How data-driven ergonomics can help objectify the “benefit/risk” ratio of using an exoskeleton
Context and challenge
The purpose of this study is to objectively evaluate an exoskeleton efficiency in a context of facade renovation (involving stone cornice cutting). The principle adopted is based on a « before/after » comparison of the cutting activity, carried out with and without the help of an exoskeleton. While the objectivation is performed thanks to the CAPTIV solution and its sensors, the comparative analysis of similar sequences of work aims at determining the benefit/risk ratio.
Facade renovation is a physical activity subject to a significant MSD risk (Musculoskeletal Disorders). This activity is demanding as it generates constraints on all body segments and imposes risky postures to the workers.
A test was carried out on two subjects in order to obtain objective data with the following equipment: six Motion sensors (for angular and postural measurement), an ECG sensor (for heart rate measurement), a camcorder and the CAPTIV software.
The study took place at the Louvre Museum in Paris, France. In order to make relevant comparisons (same duration, same tasks), measurements were carried out in two one-hour recording sessions, one with and one without the exoskeleton. We assumed that both observed work sequences are representative of the tasks assigned to the worker.
Recordings of postural activity were produced for the back, shoulders and elbows. The indicators extracted for each joint angle (posture) are:
- The average angular data in relation to the “not recommended” o range zone threshold (in °),
- The average angular data in relation to the “hazardous” red zon e threshold (in °).
- Heart rate (HR) was continuously recorded during both work sequences.
Both results were combined with a Borg scale assessment, allowing us to collect the worker’s subjective perceived exertion.
The CAPTIV system was used for recording sensors’ data and synchronizing them with some video footage. The combination of both data streams allowed an in-depth analysis of the various biomechanical and physiological parameters.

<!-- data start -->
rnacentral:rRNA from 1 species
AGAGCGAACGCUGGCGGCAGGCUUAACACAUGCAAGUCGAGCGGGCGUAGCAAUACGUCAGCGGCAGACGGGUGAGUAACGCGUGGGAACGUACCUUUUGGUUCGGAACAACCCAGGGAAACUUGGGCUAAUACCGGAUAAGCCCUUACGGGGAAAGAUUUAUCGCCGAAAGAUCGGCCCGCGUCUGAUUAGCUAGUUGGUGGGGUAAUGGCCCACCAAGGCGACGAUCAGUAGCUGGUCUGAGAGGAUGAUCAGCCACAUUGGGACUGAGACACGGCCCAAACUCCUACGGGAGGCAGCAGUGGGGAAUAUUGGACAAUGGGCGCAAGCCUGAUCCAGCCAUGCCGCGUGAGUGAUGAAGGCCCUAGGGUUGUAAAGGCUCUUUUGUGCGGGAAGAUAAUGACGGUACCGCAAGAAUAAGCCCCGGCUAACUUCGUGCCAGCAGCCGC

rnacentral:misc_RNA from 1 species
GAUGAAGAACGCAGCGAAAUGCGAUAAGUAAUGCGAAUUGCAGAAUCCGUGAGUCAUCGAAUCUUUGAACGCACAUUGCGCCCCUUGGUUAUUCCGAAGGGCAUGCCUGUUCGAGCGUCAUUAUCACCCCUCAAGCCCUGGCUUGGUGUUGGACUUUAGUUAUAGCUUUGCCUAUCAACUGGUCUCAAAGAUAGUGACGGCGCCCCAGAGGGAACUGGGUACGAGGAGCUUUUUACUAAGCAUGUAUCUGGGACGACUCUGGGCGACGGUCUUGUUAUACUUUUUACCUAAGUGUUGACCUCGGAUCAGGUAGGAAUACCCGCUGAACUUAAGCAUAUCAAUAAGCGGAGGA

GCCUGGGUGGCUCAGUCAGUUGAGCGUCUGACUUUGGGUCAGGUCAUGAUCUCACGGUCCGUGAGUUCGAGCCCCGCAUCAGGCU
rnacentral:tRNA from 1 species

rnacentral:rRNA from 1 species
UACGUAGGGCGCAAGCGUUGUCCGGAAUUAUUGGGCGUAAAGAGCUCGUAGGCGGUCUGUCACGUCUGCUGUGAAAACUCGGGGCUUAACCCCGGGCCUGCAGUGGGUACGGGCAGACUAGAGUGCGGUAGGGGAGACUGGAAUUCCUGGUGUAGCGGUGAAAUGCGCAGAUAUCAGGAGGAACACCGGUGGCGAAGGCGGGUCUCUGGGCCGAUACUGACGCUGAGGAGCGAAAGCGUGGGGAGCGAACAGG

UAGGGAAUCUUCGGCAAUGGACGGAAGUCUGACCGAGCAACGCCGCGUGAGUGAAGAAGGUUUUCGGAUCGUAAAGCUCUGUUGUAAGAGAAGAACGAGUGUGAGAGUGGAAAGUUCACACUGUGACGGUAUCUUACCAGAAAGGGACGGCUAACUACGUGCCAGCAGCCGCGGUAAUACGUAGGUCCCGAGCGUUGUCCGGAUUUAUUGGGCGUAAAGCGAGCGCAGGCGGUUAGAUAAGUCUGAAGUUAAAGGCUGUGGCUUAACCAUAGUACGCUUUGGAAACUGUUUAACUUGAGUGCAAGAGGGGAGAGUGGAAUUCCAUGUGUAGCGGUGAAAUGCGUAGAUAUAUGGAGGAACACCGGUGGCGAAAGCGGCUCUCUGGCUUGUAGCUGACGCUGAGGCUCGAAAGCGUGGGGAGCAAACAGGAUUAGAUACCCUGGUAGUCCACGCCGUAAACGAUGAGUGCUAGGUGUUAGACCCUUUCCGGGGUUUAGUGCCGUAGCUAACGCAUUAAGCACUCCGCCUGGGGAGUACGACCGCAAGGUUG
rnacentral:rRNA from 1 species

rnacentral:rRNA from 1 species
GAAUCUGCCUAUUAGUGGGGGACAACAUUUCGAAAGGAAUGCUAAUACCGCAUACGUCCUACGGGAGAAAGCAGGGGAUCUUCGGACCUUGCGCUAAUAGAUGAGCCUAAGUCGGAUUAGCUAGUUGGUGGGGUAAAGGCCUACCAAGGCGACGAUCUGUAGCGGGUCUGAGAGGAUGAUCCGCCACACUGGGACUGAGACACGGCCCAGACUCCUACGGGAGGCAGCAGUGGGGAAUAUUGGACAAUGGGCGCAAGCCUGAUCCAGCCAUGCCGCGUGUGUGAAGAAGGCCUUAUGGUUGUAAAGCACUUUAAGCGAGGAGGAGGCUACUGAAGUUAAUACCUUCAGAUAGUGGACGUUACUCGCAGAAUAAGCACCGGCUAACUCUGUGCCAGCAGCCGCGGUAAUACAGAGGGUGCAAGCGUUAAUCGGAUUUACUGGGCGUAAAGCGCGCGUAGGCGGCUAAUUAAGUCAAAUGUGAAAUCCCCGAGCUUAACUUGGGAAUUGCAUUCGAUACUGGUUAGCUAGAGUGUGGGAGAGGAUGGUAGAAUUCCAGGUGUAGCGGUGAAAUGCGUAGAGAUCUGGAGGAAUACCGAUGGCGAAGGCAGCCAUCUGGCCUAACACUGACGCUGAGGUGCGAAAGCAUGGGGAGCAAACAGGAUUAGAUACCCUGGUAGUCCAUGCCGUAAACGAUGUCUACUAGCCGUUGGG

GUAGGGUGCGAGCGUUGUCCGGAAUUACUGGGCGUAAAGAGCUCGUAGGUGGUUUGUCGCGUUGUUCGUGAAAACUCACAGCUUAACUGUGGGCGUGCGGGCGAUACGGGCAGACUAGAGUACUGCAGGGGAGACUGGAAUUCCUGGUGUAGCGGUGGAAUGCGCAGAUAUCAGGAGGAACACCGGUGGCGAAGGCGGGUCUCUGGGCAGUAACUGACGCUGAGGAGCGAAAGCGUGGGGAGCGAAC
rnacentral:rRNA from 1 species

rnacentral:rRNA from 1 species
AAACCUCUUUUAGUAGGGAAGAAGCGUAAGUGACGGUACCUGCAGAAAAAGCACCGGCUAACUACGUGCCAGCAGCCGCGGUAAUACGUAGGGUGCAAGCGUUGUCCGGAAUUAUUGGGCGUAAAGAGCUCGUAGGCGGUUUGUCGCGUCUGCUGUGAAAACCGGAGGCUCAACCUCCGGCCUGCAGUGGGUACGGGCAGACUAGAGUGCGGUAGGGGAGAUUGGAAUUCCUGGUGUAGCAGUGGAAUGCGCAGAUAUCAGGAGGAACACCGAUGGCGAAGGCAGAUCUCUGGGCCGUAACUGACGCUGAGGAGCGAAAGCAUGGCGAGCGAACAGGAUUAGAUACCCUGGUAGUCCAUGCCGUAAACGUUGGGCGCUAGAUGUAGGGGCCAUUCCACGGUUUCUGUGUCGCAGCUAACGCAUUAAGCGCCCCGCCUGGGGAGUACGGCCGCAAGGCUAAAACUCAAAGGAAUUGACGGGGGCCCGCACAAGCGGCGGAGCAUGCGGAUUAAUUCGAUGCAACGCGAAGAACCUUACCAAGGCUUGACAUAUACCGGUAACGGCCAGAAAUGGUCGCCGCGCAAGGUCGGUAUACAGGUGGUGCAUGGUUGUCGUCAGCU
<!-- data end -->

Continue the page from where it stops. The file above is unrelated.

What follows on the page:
The figures below present a comparison of the back postural constraints (focusing on the rotational movement) with and without the use of the exoskeleton.
The worker’s back is more “aligned” and shows fewer hazardous rotational movements while wearing the device.
Regarding cardiac effort, the results show a positive difference:
the cardiac stress is lower when the worker is actively wearing the exoskeleton.
These heart rate scores were also correlated to the Borg scale. According to the user, the activity of cornices cutting without exoskeleton is perceived as a “hard” (6 out of 10), while the implementation of the device changed this perception to a “moderate’ difficulty (3 out of 10).
Wearing the exoskeleton during tasks involving cornice cutting brings more benefits than risks. However, it is necessary to keep in mind the possible shift of the ergon omic risk to other joints.
By combining and synchronizing both objective data and video footage, the CAPTIV solution helped with the objective evaluation of an exoskeleton in a challenging work environment. The sensors’ robustness ensures the repeatability of testing several workers in naturalistic settings. Biomechanical and physiological data recorded are thus representative of real-life work situations. They allowed an objective and reliable assessment of the exoskeleton efficiency. This study defined a “Benefit/Risk” ratio of using an exoskeleton use in the specific context of fac ade renovation.
At the postural level, the use of the exoskeleton offers benefits for certain joints, especially in the back. However, a stress increase has been noticed on other joints, suggesting a possible shift of the risk while using this type of assistive device.
One should relativize the current results regarding the contribution of the use of the exoskeleton:
- The study was carried out on two workers,
- The angular differences in “not recommended” and “hazardous” areas are not significative enough to draw any definitive conclusion.
To validate the first results, it is necessary to carry out additional measurements on other users in order to:
- Be more representative,
- Integrate additional factors such as the morphologies and the expertise level of the user,
- Improve the integration of the user’s experience into the overall evaluation.
Several additional studies were carried out by TEA on behalf of the OPPBTP on the use of exoskeletons. It is a topic for which the need of objective measurements is of absolute necessity in order to assess the contribution of an exoskeleton, as simple visual observations from a professional ergonomist or the subjective feelings of the user are not sufficient for conducting a global evaluation.